Campbell, Alistair (2006) Epistomology. Australian and New Zealand Journal of Family Therapy, 27 (4). iii-iv.
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[Extract] It is Not a word that is seen very often these days. Yet it was probably one of the most common preoccupations for family therapists for many years. But in me last decade or so we seem to have solidified our certainties. Of course, there are the postmodern perspectives which continue to maintain the relativistic stance in rdation to knowledge though these positions seem very much in the minority. So, we come back to the word epistemology. I can remember in the 80s feeling that it was a much overused word. Bandied about by every wo/man and their dog to such an extent that the idl."a expressed was reduced simply to mean 'point of view'. As in, 'we all have our own epistemologies'. How then to introduce the idea that it is: perhaps time again to talk of epistemology? Not the epistemology of points of view but the idea that how we come to know things, the rules that are accorded legitimacy for knowing, the politics of knowing, are current and significant factors in our current lives.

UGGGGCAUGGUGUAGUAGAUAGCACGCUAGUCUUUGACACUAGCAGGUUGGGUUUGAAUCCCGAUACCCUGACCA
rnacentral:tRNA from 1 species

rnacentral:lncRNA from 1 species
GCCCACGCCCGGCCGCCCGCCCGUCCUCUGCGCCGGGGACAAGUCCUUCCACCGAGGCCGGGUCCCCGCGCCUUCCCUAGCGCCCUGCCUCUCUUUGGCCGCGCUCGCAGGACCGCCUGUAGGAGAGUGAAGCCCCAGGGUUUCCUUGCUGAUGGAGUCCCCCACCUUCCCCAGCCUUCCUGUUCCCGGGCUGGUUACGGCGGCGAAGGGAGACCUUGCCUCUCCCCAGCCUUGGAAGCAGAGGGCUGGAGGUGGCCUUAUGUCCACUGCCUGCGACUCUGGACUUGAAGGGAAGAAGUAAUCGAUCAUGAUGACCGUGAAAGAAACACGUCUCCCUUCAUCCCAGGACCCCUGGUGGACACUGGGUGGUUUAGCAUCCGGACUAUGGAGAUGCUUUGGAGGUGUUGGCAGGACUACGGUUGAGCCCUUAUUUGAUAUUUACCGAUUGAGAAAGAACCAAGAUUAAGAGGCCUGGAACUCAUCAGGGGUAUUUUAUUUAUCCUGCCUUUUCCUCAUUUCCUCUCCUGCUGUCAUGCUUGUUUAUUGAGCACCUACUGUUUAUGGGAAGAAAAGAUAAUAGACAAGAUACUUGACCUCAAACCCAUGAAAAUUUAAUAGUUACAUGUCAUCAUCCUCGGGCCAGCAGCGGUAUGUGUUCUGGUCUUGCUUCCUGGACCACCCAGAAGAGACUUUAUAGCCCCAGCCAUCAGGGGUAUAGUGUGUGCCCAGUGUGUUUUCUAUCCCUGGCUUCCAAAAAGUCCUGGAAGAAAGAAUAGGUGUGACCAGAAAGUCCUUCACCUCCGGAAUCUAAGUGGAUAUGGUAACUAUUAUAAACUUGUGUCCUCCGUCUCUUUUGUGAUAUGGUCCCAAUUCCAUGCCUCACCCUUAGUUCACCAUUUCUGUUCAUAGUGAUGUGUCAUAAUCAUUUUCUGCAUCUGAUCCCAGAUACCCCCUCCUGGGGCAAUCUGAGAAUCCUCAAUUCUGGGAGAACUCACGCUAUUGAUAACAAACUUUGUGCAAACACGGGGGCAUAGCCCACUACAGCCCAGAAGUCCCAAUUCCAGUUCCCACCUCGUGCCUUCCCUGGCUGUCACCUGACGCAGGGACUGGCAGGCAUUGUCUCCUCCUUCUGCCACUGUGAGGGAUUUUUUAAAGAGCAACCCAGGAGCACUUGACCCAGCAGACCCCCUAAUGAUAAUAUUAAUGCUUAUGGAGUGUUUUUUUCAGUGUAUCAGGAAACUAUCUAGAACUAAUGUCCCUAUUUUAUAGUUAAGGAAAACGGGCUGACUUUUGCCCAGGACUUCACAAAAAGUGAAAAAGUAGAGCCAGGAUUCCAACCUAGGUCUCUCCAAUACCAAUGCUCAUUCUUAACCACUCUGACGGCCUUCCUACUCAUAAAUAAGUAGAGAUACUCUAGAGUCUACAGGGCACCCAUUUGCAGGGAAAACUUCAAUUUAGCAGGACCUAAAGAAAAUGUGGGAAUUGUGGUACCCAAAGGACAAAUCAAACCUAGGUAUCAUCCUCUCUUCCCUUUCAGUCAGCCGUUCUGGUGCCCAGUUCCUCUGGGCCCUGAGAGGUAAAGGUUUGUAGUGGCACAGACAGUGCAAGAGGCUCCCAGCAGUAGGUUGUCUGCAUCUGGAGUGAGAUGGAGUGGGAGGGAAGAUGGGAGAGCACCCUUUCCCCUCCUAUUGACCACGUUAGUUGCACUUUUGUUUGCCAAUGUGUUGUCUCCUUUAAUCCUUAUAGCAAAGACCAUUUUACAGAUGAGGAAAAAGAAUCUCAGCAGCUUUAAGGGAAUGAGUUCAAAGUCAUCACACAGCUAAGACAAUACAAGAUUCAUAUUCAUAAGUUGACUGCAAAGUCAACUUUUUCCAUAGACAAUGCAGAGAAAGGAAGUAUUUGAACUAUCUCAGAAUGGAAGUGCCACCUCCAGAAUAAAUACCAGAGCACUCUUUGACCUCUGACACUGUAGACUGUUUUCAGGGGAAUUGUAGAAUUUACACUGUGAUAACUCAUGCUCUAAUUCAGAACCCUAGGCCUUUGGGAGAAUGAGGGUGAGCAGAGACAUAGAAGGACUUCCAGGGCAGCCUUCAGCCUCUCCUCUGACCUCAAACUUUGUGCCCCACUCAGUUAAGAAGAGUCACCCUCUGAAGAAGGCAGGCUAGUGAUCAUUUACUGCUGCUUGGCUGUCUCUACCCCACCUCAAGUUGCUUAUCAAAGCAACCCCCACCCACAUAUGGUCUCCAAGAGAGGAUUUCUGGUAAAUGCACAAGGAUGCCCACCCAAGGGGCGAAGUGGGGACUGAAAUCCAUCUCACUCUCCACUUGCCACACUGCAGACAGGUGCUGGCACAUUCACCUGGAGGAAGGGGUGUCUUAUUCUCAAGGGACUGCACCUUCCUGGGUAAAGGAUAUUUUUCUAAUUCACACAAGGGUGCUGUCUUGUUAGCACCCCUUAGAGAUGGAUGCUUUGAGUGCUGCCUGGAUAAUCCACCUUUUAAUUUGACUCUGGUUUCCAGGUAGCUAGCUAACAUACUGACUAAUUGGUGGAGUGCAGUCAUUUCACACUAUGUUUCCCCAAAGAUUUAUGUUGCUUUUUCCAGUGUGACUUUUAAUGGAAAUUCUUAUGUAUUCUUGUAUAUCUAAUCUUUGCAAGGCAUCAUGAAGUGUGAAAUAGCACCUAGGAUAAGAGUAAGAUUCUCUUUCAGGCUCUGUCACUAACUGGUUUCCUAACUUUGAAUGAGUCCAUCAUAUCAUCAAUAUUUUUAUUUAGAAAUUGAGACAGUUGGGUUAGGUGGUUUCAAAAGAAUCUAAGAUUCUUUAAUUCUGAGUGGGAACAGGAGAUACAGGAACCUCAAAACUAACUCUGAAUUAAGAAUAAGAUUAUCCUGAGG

|Item Type:||Article (Editorial)|
|Date Deposited:||27 Jul 2011 22:11|
|FoR Codes:||17 PSYCHOLOGY AND COGNITIVE SCIENCES > 1701 Psychology > 170106 Health, Clinical and Counselling Psychology @ 100%|
|SEO Codes:||92 HEALTH > 9299 Other Health > 929999 Health not elsewhere classified @ 100%|
|Citation Count from Scopus||